By Dr Carsten Grosse-Knetter and Thierry Misamer, ODDO BHF Asset Management

Blind trust in computers – this is an often-heard prejudice regarding quantitative investment strategies. Computers are indeed an essential tool in analysing prices of hundreds of stocks. They also help you keep a cool head and choose the best stocks for your portfolio on the basis of objective data. Our more than 10 years of experience shows that added value can be generated with our in-house stock-picking model, which is a quantitative approach that is not based on our own forecasts. Our track-record also demonstrates that outperformance is possible even on highly efficient markets.

As with discretionary management, quantitative management features many different approaches to investing on the equity markets. There are both highly focused concepts that concentrate on a single factor such as momentum, and highly diversified, multi-factor variations. As varied as they might be, all these approaches share in common the specific advantages of quantitative management.

Its first advantage is its ability to systematically cover a large investment universe. Let’s take the European equity market as an example, as represented by the Stoxx 600 index. A quant manager is able to track and analyse the price performances and fundamentals of all 600 stocks in this index at all times and to make his selections backed by the information produced by his model. He can thus address a broad investment universe and enhance his opportunities for selecting attractive stocks and taking on successful exposures. A discretionary manager, in contrast, can research only a limited number of companies in depth and is therefore limited in his selection opportunities. This lessens his probability of outperforming. In our portfolio we select 100 stocks from the Stoxx 600. This gives us greater opportunities to find attractive stocks while allowing us to be better diversified, which limits losses as much as possible.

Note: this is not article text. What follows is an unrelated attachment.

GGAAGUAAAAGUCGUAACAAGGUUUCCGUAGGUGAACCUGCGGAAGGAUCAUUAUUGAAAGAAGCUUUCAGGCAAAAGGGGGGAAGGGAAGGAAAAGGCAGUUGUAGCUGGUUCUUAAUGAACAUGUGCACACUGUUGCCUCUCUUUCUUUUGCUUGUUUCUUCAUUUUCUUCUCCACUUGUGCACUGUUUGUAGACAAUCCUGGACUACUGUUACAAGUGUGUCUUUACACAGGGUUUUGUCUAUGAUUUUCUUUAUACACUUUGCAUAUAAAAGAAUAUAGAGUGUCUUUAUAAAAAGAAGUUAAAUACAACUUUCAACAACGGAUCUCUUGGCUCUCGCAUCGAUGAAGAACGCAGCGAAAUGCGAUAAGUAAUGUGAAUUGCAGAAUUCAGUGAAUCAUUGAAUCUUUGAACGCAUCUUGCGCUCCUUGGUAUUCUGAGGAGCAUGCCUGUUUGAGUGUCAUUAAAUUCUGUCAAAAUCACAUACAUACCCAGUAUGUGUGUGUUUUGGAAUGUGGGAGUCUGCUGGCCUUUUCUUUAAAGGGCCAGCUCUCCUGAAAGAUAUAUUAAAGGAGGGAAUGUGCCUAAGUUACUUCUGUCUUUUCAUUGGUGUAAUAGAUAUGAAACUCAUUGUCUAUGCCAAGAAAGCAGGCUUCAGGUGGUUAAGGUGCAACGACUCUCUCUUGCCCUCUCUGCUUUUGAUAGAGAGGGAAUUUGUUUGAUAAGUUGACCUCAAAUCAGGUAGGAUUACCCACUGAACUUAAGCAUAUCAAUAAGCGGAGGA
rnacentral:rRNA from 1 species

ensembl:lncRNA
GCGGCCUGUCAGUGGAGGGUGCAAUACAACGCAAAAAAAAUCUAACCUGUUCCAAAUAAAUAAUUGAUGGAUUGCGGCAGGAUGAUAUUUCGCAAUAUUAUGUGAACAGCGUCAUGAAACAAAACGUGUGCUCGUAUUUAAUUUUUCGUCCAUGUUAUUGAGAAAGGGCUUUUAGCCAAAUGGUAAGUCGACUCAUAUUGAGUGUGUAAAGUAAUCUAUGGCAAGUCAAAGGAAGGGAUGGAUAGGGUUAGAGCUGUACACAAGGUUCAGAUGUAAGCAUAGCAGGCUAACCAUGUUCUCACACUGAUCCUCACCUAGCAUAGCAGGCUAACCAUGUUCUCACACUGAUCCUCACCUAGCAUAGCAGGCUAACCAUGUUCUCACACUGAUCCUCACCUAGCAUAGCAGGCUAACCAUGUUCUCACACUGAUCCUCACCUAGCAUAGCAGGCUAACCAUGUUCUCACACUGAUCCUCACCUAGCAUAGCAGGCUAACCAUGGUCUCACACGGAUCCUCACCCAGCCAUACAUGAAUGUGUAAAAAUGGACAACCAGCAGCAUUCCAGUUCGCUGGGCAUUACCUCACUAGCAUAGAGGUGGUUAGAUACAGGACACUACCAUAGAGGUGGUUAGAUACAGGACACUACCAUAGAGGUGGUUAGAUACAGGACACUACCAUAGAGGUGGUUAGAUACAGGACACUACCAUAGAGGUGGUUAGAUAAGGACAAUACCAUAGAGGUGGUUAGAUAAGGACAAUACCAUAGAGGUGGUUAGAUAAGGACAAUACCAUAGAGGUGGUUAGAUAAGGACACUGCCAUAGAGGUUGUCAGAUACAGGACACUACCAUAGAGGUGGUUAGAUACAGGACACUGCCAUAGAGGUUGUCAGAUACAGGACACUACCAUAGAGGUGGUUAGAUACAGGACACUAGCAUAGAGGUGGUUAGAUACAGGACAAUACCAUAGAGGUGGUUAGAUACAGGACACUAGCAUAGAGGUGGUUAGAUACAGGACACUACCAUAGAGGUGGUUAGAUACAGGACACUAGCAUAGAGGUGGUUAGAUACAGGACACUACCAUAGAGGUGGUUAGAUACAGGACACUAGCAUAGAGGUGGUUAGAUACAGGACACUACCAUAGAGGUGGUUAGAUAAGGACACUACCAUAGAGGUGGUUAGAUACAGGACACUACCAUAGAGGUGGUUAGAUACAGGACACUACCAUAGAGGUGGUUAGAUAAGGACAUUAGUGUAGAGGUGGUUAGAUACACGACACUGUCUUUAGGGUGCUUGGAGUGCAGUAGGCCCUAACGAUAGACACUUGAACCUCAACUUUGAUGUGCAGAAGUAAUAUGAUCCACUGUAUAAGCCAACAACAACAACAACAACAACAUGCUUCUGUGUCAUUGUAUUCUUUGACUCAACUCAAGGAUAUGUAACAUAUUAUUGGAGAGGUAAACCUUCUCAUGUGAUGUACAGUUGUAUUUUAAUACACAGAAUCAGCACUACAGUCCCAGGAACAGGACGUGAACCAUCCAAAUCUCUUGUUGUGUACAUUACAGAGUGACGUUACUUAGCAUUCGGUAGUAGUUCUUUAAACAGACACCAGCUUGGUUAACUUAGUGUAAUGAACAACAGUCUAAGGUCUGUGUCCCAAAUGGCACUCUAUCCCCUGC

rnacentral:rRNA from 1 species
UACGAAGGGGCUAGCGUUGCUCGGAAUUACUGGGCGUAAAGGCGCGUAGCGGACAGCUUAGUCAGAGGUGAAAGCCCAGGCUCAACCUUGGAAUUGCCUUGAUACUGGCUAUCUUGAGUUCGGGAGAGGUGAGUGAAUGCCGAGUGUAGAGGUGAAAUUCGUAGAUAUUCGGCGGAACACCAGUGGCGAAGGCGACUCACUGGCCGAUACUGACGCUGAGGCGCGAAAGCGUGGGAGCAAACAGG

The second advantage of quantitative management is that stock-picking is based on prescribed rules that are presented to investors in detail and that can be disclosed transparently. Moreover, the systematic use of these rules makes it possible to measure their efficiency in a precise manner. The fund manager is thus able at all times to analyse and explain the results achieved. Seen from this angle, quantitative management is fundamentally far more transparent than discretionary management. However, there are also differences here among quant managers. When investment decisions are made on the basis of complex mathematical models it is difficult or impossible to illustrate in a detailed manner the various factors underlying investment decisions and to explain the logic behind each one of them. This “black box” phenomenon is often encountered in models that are based primarily on mathematical or statistical optimisation.